Developing the art of servant leadership

November 05, 2019

Glen Taylor headshot

Many threads make up the tapestry of our life. The magic is to find the one piece that consistently crosses over and under all the other ones, binding them together. For some, this thread is obvious. For others, it has always been somewhere in the background and is only recognizable in the quiet moment of self-reflection.

For Glen Taylor, MS '09, realizing his passion for servant leadership came years after he earned his graduate degree in organizational leadership at Quinnipiac.

Thinking back on his life, he began to weave common threads together and recognized that he has been getting ready for his executive leadership role his entire life. The sports he played, the coaches that mentored him and the teammates he played with have become part of the fabric of Taylor’s life as he has consistently drawn from those experiences.

Taylor’s current role as Vice President of Support Services at Phelps Hospital – Northwell keeps him very busy, but Taylor continues to share his leadership abilities in his large circles – business, personal and community.

Taylor is a giving, kind and humble person who puts the needs of others first. “While traditional leadership generally involves the accumulation and exercise of power by one at the ‘top of the pyramid,’ servant leadership is different.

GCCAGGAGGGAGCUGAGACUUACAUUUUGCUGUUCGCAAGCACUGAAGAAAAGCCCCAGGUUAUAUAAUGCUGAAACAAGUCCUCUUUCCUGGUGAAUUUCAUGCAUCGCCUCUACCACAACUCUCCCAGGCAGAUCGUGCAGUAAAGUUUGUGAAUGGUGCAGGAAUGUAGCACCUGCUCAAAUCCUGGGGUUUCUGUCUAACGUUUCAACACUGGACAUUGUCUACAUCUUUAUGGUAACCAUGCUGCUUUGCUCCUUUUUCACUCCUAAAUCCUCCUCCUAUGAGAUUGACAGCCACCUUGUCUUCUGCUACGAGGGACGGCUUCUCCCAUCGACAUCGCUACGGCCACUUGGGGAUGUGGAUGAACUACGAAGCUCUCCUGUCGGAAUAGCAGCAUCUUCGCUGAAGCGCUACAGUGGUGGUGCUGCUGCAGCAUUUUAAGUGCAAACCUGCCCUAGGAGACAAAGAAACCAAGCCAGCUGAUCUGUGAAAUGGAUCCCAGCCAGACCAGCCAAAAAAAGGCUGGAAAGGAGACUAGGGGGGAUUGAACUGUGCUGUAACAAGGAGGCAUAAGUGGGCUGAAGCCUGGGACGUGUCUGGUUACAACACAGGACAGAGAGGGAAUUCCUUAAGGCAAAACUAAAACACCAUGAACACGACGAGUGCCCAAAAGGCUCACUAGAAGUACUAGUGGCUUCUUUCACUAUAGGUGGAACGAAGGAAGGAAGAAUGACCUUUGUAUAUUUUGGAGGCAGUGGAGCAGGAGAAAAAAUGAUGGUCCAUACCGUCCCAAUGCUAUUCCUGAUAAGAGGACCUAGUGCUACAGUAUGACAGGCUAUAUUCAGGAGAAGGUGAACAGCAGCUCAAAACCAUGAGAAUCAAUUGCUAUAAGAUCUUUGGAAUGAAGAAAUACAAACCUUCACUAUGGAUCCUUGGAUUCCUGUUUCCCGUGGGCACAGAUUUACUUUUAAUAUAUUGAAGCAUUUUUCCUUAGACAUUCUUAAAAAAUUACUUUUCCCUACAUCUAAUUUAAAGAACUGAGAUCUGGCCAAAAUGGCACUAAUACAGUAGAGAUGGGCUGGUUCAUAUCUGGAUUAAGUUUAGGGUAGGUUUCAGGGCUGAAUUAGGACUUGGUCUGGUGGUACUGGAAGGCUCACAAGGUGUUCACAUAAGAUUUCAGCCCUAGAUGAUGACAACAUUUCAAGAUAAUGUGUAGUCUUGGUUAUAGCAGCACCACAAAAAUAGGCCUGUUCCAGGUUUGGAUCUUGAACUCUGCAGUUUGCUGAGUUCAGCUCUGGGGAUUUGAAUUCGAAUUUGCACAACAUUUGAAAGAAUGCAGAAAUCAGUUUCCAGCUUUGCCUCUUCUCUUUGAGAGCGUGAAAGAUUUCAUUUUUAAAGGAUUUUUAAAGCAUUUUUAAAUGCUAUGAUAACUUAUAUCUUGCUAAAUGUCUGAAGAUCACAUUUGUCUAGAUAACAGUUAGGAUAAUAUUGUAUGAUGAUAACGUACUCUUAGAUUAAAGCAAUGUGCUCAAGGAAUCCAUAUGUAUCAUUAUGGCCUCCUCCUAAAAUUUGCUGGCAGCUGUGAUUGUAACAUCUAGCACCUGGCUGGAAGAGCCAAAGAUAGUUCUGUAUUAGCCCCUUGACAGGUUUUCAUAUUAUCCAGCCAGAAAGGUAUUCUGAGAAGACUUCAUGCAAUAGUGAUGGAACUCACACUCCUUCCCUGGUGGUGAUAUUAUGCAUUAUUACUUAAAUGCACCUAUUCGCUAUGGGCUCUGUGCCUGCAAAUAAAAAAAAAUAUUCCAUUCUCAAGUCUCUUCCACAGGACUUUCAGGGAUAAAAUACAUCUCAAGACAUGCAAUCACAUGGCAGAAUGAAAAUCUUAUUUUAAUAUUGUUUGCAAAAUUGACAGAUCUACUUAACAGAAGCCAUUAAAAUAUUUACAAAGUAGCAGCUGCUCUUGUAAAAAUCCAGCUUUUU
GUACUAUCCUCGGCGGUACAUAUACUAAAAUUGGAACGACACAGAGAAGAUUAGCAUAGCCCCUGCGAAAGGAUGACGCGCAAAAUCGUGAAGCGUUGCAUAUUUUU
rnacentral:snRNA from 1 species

The servant-leader shares power, puts the needs of others first and helps people develop and perform as highly as possible.” This is who Taylor is and how he leads his life.

Taylor recognizes the value and the potential in those he works with and is the epitome of a servant leader. He is excited to help others by leading them through inspiration.

He combines the goals of the project with the motivation and passion of his talented team. Taylor’s servant leadership style puts others first, coaching them to meet their own goals. He knows that without a strong team, the larger goals can’t be met.

Early on in his career, Taylor was asked to be part of a 21st Century Leadership program funded by General Electric. He learned the Six Sigma engineering process and found that he loved leadership.

Taylor reflected, “Because the hospital has many different arms, all with one mission of treating patients with an excellent service model, I began applying what I learned in the leadership training to my role as Administrative Director of the Department of Pharmacy Services at Greenwich Hospital.”

He was inspired by the success of the implementation of the Six Sigma program and was intrigued to know more about the behavioral side of leadership. This curiosity began his research on graduate programs.

Quinnipiac’s online organizational leadership program piqued Taylor’s interest. He consulted with his admissions counselor and was ensured this program would deliver the advanced leadership skills he yearned for.

He did like that the university was close to his home in NY, but the online component fit his lifestyle. He had two children and one on the way. His leadership position was demanding, and he needed the flexibility that online learning provided.

He was primed for his role as a student in the program, and ready to absorb every experience. One of his many take-a-ways was how to synthesize both numbers and people.